While each of these vanguards has taken a different approach, across the projects there are a number of core principles that underpin the successful harnessing of new technology.
The starting point for any project should be the perspective of the end users. Both the technological solutions and wider projects should be co-produced with people who use services and clinicians to ensure that the solutions are anchored in their needs and experiences, as well as business requirements. Positive user experience is absolutely essential: this means thinking through every aspect of the technology, from the digital literacy levels of users to log on requirements for clinicians. Project teams should plan for the ongoing training and support needs of users – these do not stop when the project goes live.
This report shows the scale of the challenge to integrate data across health and social care systems. But integration is essential if we are to ensure that people experience joined up services in which they only have to tell their story once and feel confident that up-to-date information is being safely shared between teams involved in their care. The case studies demonstrate that while information governance requirements can be complex to navigate, they do not need to become an obstacle to change. Teams need to consider privacy and be clear on the purpose of data sharing from the outset, and involve the right people to advise them on all aspects of information governance.
Harnessing technology requires the health and care system to model return on investment and payment systems differently. We need to also consider, for example, the value of more timely treatments and greater integration between services, while the tariff needs to have mechanisms in place to incentivise remote consultations. To do this, providers and commissioners need to work together on creative solutions. We also need to recognise the pace of technological change and ensure that the standard operating systems that services rely on are advanced enough to support innovative technologies.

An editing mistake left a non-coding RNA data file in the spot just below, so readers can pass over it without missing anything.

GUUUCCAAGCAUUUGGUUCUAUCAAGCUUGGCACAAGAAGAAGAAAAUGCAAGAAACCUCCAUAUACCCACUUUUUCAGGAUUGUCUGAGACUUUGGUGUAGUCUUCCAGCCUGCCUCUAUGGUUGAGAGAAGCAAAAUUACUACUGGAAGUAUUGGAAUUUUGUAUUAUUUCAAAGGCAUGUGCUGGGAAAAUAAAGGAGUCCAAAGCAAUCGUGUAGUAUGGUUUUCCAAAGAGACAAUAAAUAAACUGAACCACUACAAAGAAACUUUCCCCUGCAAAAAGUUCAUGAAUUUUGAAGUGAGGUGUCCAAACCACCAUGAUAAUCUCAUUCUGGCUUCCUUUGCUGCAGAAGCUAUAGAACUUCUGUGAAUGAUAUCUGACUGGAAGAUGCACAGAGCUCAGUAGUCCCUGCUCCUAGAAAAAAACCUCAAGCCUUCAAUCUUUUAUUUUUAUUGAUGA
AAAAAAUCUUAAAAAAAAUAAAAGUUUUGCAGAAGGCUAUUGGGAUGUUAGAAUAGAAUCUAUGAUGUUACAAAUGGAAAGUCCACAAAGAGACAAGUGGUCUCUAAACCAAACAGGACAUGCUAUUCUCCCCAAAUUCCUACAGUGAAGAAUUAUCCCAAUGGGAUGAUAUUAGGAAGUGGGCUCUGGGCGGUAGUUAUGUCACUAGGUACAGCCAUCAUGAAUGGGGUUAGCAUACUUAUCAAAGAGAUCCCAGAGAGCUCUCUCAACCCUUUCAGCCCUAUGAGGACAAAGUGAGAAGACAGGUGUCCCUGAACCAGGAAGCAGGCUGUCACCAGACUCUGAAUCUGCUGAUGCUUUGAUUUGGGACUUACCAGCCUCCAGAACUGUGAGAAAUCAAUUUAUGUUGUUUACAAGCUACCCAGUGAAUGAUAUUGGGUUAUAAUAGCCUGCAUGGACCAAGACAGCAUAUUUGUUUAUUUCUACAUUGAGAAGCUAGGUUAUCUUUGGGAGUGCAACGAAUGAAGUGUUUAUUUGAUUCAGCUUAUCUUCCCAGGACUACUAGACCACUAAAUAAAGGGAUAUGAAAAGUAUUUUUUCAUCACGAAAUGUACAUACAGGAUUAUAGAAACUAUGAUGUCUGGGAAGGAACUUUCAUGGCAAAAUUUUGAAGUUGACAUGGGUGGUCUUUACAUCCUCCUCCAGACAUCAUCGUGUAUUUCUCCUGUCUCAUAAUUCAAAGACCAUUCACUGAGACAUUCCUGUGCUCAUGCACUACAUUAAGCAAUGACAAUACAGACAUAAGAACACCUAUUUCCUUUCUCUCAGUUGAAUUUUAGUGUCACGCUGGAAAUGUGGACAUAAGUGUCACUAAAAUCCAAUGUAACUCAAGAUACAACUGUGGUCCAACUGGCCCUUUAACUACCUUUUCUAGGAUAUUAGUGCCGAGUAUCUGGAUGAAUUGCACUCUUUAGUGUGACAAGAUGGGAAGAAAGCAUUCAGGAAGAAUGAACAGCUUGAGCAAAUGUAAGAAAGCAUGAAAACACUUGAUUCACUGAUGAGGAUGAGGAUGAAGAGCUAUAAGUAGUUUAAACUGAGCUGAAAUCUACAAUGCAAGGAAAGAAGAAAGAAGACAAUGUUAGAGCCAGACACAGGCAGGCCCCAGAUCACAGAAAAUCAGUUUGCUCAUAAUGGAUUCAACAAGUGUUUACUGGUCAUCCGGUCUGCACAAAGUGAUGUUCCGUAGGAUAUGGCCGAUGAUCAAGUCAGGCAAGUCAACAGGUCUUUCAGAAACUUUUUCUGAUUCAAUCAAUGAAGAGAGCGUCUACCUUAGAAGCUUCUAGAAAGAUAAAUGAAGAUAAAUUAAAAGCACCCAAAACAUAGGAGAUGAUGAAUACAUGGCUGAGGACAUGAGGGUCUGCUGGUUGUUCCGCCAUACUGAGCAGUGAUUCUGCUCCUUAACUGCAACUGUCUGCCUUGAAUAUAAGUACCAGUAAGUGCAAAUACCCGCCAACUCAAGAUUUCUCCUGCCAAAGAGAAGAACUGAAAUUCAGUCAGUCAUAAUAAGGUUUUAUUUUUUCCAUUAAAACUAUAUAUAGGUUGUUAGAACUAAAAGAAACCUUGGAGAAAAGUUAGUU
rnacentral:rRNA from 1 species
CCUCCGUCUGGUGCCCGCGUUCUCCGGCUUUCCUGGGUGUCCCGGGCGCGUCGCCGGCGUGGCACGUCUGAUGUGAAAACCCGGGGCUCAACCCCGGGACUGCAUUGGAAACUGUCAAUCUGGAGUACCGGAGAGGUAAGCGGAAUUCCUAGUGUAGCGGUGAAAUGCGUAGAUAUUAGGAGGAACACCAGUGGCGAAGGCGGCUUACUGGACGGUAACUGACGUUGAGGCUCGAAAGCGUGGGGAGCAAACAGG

The vanguards show the potential for technology to enhance, rather than replace, existing services. This requires teams to think through how the solutions will interact with and support existing systems, processes and ways of working. It is possible to use off-the- shelf solutions – rather than develop completely new, bespoke solutions – if you ensure the enabling infrastructure is right. Similarly, solutions don’t necessarily have to be fully integrated, but they do have to be interoperable with existing systems.
To build on the considerable amount of work already undertaken across the new care models programme, the national bodies must continue to support the dissemination of good practice and other areas should feel confident to ‘steal with pride’. However, they also need to consider their local needs and context. For technology to support the fundamental shift envisioned in the Forward view teams should make use of local place-based approaches that encourage collaboration across public services and capitalise on existing strengths and resources in the community.